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POINT OF VIEW POV I then adapted the third novel in the techno thriller drama series into more season episode scripts for the Deadly Invisible Enemies Series I am developing Why consider how long chapters should be The length of a chapter is up to the author but readers have preferences some from long years of conditioning as readers others based on technology In writing Deadly Invisible Enemies Evil in the Air Book 1 and Hunt for Evil Book 2 my approach was to use the more traditional longer chapter format Lee Child s Jack Reacher series uses the longer chapter format 15 25 pages per chapter As my experience in the novel writing world continues to grow I have found that in some instances shorter chapters are more appealing They help keep a reader s attention especially if the target audience reads in short spirts It also allows for more frequent change up of POV characters time and place and provides a nice scene length eBook readers on the go at the beach on the bus etc can zip through 3 5 page chapter increments quickly Authors such as James Patterson have adapted the shorter chapter approach for particular situations The Alex Cross series for example delivers books with shorter chapters 2 4 pages per chapter In the case of Deadly Invisible Enemies Evil Resurrection I chose to use shorter 3 5 page chapters for the reasons discussed above It is important that you consider this as early as possible as it will guide most of the other decisions you will make What other decisions are important early in the writing process Beyond structure it is important to determine who how many the point of view characters will be and what role they will play Also will the story be told in present or past tense What role will the invisible narrator play NOVEL TIP Fiction novels are traditionally third person past tense with one or two POV characters BUT some successful authors are using first and third person past tense with several POV characters For me in writing the Deadly Invisible Enemies series I have 6 8 POV characters and have evolved to use first person for the major series protagonist and third person for all other POV characters along with a number of supporting characters who are not POV characters The following sections will go into more detail about these choices and decisions POV Initial Thoughts Point of view POV is one of the most critical decisions you will need to make before starting to write your novel The entire story will be experienced in depth by the reader through the POV characters When I write a screenplay it is for an intermediary audience a producer a director an actor or others involved in the creative process They will translate the screenplay into a visual experience for an audience When I write a novel there is no intermediary I am writing it for the readers to experience directly Some might consider publishers to be intermediaries but I do not as I am not writing the story for them I know they are gatekeepers but as a self publisher I do not need their endorsement book advances or access to their publishing apparatus to get my story out worldwide to the masses Unlike a screenplay where I might have ten twenty or more characters with the camera bouncing from scene location to another scene location in a novel I need to carefully consider POV Through whose eyes do I want the reader to feel the total experience By total experience I mean the reader experiences what a character sees feels thinks hears and touches as expressed in words This often includes the story s protagonist hero and or the story s antagonist villain In the Deadly Invisible Enemies because it is a series with several storylines I have half a dozen or so POV characters Beyond the POV characters I also make limited use of an invisible narrator who can see all the characters from the outside and can add limited details about events For example the hero looked beaten had a lisp or tossed and turned in bed If the character is alone and you need to convey information to the reader you are in effect introducing the invisible narrator who is not physically in the room or scene POV Viewpoint Nuances When writing the novel convention is to stay in the selected POV character for the chapter or the demarcated section of a chapter As much as possible keep the author invisible avoid interjecting the writer s personal biases or opinions into the story Often the words bridging two scenes or opening a chapter are places where a limited omniscient or invisible viewpoint can be introduced For example it was a rainy day the streets were busy or the autumn leaves covered the grass These snippets are not attributed to a specific character NOVEL TIP In this article I am merely touching on POV I will explore POV from several perspectives but I strongly recommend you do some reading maybe take a seminar on POV It s not a superficial consideration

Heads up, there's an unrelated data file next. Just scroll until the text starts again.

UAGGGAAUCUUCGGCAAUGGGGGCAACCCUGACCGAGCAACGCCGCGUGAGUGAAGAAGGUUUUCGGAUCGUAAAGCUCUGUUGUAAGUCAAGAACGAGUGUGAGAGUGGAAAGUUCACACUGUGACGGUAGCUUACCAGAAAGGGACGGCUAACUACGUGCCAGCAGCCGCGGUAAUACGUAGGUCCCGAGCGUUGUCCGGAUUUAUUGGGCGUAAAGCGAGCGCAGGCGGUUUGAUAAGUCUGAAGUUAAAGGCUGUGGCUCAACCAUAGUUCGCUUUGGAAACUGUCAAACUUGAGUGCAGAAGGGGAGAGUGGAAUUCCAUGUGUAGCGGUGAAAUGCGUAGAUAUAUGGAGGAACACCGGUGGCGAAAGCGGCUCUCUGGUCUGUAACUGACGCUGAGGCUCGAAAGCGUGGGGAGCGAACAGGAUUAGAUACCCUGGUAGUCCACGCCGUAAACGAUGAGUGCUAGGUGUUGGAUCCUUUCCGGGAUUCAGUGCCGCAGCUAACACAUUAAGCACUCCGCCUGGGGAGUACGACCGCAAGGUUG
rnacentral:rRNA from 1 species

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POV Questions In considering POV I consider a number of questions to guide me in determining POV characters Whose story do I want to tell to the reader Who is telling the story in the novel or chapter scene What do the readers need to know to move the story forward so they fully get it and are coming along for the ride What does the character in the scene know so the readers are experiencing the scene rather than being told Who do I want the reader to have the strongest emotional connect to NOVEL TIP Who is telling the story As the author if you answer this question before the reader picks up your book they will not be left wondering whose story it really is POV Hero and the Reader For me good storytelling is about creating a strong emotional experience for the reader As I write a lot of thrillers I use suspense and surprise when writing stories chapters and scenes To do this I carefully consider what information I share with the reader and what information I withhold until the appropriate moment In effect there are times when the reader only knows only what the hero knows There are times when the reader knows things the hero doesn t To create suspense the reader learns something the hero does not know and is hanging on every word and scene to see what will happen to the hero To create surprise the reader learns something a twist when the hero does NOVEL TIP tool Withholding and revealing information is a powerful writer s POV Time and Place Considerations If you only have one POV character for the story you can only be in one time and place for the entire story that being the time and place of the POV character Think about Cast Away with Tom Hanks It s tough to have a single character carry a whole story especially in a movie If you have written such a script than a single POV character might be appropriate On the other hand if you have two or three POV characters for the story you can take the reader from the time and place of one POV character to the time and place of other POV characters POV Narrator In selecting the narrator for your novel there are three approaches or ways of describing the narrator first person second person and third person Traditionally once an author selects a narrator they stick with the same narrator for the entire novel However James Patterson and Andrew Gross have used both first and third person in the same novel First person When a narrator is talking about him herself that is things happen to them they generally speak in the first person I me mine my we and us are pronouns often used Writing in first person narrator might be good where you only have one main character Second person When a narrator tells story to another character they generally speak in the second person Another way to think of it is the POV belongs to the person being addressed Your your yours yourself and yourselves are pronouns often used The narrator is talking directly to the audience This is not used a lot in fiction writing It is used in technical process instructional manuals or self help books In fiction the narrator might say to the audience I know that you would never have made the choice the hero made Third person When a narrator talks about a character or characters they generally speak in the third person Third person pronouns include he him his himself she her hers herself it its itself they them their theirs and themselves Third person is most commonly used in novels NOVEL TIP Before starting your journey of writing a novel consider studying some of your favorite authors I studied Lee Child the Jack Reacher series and James Patterson the Alex Cross series and novels like The Firm by John Grisham Many of their books have also been adapted into movies As for a movie that was subsequently made into a novel I studied Passchendaele a novel based on Paul Gross s screenplay of the same title POV First or Third Person Decision When zeroing in on whether I will tell the story using first or third person I consider a number of factors including Is the story best told by a single person E g Cast Away Is it a story of events happening to a single person Is emotion a big component of the story A first person POV has the reader feel closer to the character while a third person POV feels more distant but good writing can effectively use techniques that bring the reader closer to the character NOVEL TIP Most novels are written in third person POV which for a first novel might be a good place to start If you are writing a thriller and are up to the challenge you might introduce a first person POV for the protagonist POV Narrator Details As I think about who can best tell the story to the reader is to think of the POV narrator in terms of who holds the camera or the lens into the story Is it the hero Is it the author The Hero Holds the Camera This is the first person POV I me we The reader is completely in the protagonist s antagonist or hero s villain mind discovering the moment completely as the hero does